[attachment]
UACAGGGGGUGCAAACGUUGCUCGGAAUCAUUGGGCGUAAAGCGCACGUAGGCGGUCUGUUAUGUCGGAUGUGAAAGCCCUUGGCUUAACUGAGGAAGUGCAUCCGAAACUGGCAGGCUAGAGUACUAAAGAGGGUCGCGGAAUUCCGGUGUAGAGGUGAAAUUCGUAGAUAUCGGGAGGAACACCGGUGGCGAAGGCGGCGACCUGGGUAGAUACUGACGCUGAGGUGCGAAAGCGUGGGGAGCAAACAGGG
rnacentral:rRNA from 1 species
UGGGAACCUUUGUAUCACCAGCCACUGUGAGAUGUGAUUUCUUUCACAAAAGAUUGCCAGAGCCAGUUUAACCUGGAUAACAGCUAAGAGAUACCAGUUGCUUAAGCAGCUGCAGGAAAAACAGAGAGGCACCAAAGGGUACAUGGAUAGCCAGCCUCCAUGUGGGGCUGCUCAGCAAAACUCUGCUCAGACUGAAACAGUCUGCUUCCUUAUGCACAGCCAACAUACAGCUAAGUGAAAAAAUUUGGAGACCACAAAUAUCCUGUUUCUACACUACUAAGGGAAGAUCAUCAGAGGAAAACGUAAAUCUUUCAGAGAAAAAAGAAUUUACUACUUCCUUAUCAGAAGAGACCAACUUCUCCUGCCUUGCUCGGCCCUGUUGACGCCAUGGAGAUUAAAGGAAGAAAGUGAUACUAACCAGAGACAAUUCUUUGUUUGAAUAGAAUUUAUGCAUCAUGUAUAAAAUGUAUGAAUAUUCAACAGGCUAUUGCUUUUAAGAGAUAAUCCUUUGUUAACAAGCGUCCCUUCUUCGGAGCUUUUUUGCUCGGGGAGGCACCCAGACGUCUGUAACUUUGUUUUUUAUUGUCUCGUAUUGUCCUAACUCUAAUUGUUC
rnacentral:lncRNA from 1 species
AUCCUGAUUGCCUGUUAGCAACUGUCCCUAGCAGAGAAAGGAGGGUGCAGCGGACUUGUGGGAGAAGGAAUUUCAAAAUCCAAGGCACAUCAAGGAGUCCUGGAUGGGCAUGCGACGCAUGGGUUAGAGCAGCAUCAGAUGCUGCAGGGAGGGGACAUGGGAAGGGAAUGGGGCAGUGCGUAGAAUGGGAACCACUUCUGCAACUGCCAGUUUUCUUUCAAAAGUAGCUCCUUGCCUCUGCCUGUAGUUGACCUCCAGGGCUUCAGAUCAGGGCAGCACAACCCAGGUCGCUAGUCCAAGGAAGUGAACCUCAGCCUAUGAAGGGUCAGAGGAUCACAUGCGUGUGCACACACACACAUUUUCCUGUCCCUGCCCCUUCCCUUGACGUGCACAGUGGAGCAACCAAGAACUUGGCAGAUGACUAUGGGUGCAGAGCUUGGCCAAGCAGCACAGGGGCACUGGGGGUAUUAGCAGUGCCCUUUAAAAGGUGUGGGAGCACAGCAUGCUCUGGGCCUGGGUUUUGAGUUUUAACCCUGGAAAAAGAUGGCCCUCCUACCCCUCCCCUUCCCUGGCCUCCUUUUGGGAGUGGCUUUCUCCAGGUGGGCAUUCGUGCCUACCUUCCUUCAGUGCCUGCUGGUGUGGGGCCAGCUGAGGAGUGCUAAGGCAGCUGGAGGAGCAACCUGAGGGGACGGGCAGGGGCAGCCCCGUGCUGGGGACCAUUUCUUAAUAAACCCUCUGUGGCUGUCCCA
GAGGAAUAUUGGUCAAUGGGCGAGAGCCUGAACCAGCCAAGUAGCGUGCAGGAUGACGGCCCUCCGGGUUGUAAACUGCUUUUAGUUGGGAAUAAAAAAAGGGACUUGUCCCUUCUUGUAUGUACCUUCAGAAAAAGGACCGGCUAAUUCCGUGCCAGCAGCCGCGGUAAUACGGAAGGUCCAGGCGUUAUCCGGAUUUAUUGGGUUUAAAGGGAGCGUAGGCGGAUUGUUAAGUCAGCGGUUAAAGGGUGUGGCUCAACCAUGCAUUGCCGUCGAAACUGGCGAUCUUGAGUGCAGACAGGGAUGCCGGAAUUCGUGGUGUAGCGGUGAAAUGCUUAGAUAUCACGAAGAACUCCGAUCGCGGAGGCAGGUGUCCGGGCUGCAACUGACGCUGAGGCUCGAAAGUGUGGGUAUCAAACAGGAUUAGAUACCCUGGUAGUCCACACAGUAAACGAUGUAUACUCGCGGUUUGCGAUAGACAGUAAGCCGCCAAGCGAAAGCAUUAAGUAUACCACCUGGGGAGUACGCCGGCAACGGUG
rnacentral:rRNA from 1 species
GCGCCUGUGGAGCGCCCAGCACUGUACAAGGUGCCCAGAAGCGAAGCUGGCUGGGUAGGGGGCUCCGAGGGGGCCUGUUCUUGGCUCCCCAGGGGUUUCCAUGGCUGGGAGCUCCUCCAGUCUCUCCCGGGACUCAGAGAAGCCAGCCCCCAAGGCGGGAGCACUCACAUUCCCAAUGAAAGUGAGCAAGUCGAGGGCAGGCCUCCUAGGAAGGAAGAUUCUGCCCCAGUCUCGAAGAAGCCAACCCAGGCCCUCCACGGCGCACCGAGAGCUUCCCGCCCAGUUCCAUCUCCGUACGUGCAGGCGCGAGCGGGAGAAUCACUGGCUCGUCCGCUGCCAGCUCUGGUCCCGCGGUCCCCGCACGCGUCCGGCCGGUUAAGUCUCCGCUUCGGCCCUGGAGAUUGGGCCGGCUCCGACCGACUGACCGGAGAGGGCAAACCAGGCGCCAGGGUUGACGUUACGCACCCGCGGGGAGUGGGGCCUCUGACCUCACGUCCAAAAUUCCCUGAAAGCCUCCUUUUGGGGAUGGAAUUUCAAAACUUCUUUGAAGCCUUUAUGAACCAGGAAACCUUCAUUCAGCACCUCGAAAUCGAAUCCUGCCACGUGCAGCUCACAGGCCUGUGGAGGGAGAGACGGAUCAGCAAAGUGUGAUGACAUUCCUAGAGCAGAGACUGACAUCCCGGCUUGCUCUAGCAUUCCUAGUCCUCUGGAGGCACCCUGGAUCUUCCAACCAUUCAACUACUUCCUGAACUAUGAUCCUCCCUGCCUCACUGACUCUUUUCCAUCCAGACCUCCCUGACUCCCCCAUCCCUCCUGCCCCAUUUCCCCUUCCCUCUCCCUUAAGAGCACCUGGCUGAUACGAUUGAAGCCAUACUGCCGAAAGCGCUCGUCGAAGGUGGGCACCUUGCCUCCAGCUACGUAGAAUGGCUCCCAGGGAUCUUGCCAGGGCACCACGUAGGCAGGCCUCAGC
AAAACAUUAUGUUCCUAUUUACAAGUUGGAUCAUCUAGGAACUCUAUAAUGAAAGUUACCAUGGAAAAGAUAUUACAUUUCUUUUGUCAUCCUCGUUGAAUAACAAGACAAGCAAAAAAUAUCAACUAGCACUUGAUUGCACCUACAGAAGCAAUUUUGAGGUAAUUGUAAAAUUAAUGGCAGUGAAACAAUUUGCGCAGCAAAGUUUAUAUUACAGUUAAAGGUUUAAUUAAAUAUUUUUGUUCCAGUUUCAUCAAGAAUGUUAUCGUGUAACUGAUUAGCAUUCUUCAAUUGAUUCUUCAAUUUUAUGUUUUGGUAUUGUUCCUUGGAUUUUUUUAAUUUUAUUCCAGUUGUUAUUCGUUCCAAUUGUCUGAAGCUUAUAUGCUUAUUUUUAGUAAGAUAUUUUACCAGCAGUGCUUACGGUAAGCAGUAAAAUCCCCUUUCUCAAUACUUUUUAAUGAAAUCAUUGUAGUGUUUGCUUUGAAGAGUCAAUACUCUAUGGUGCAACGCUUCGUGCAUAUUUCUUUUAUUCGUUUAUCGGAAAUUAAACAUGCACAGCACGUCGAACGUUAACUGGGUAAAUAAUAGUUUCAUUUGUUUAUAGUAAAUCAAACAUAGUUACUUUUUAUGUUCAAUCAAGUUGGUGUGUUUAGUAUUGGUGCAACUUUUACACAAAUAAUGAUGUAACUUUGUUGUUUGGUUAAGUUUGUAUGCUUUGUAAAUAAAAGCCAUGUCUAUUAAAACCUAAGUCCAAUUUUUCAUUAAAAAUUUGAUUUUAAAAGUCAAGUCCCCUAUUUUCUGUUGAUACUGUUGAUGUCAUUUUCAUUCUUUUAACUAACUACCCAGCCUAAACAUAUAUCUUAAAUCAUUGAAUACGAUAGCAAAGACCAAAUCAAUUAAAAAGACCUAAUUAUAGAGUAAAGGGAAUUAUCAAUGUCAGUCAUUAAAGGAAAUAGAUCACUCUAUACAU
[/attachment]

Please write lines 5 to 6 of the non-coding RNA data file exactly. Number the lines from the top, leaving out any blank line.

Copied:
AUCCUGAUUGCCUGUUAGCAACUGUCCCUAGCAGAGAAAGGAGGGUGCAGCGGACUUGUGGGAGAAGGAAUUUCAAAAUCCAAGGCACAUCAAGGAGUCCUGGAUGGGCAUGCGACGCAUGGGUUAGAGCAGCAUCAGAUGCUGCAGGGAGGGGACAUGGGAAGGGAAUGGGGCAGUGCGUAGAAUGGGAACCACUUCUGCAACUGCCAGUUUUCUUUCAAAAGUAGCUCCUUGCCUCUGCCUGUAGUUGACCUCCAGGGCUUCAGAUCAGGGCAGCACAACCCAGGUCGCUAGUCCAAGGAAGUGAACCUCAGCCUAUGAAGGGUCAGAGGAUCACAUGCGUGUGCACACACACACAUUUUCCUGUCCCUGCCCCUUCCCUUGACGUGCACAGUGGAGCAACCAAGAACUUGGCAGAUGACUAUGGGUGCAGAGCUUGGCCAAGCAGCACAGGGGCACUGGGGGUAUUAGCAGUGCCCUUUAAAAGGUGUGGGAGCACAGCAUGCUCUGGGCCUGGGUUUUGAGUUUUAACCCUGGAAAAAGAUGGCCCUCCUACCCCUCCCCUUCCCUGGCCUCCUUUUGGGAGUGGCUUUCUCCAGGUGGGCAUUCGUGCCUACCUUCCUUCAGUGCCUGCUGGUGUGGGGCCAGCUGAGGAGUGCUAAGGCAGCUGGAGGAGCAACCUGAGGGGACGGGCAGGGGCAGCCCCGUGCUGGGGACCAUUUCUUAAUAAACCCUCUGUGGCUGUCCCA
GAGGAAUAUUGGUCAAUGGGCGAGAGCCUGAACCAGCCAAGUAGCGUGCAGGAUGACGGCCCUCCGGGUUGUAAACUGCUUUUAGUUGGGAAUAAAAAAAGGGACUUGUCCCUUCUUGUAUGUACCUUCAGAAAAAGGACCGGCUAAUUCCGUGCCAGCAGCCGCGGUAAUACGGAAGGUCCAGGCGUUAUCCGGAUUUAUUGGGUUUAAAGGGAGCGUAGGCGGAUUGUUAAGUCAGCGGUUAAAGGGUGUGGCUCAACCAUGCAUUGCCGUCGAAACUGGCGAUCUUGAGUGCAGACAGGGAUGCCGGAAUUCGUGGUGUAGCGGUGAAAUGCUUAGAUAUCACGAAGAACUCCGAUCGCGGAGGCAGGUGUCCGGGCUGCAACUGACGCUGAGGCUCGAAAGUGUGGGUAUCAAACAGGAUUAGAUACCCUGGUAGUCCACACAGUAAACGAUGUAUACUCGCGGUUUGCGAUAGACAGUAAGCCGCCAAGCGAAAGCAUUAAGUAUACCACCUGGGGAGUACGCCGGCAACGGUG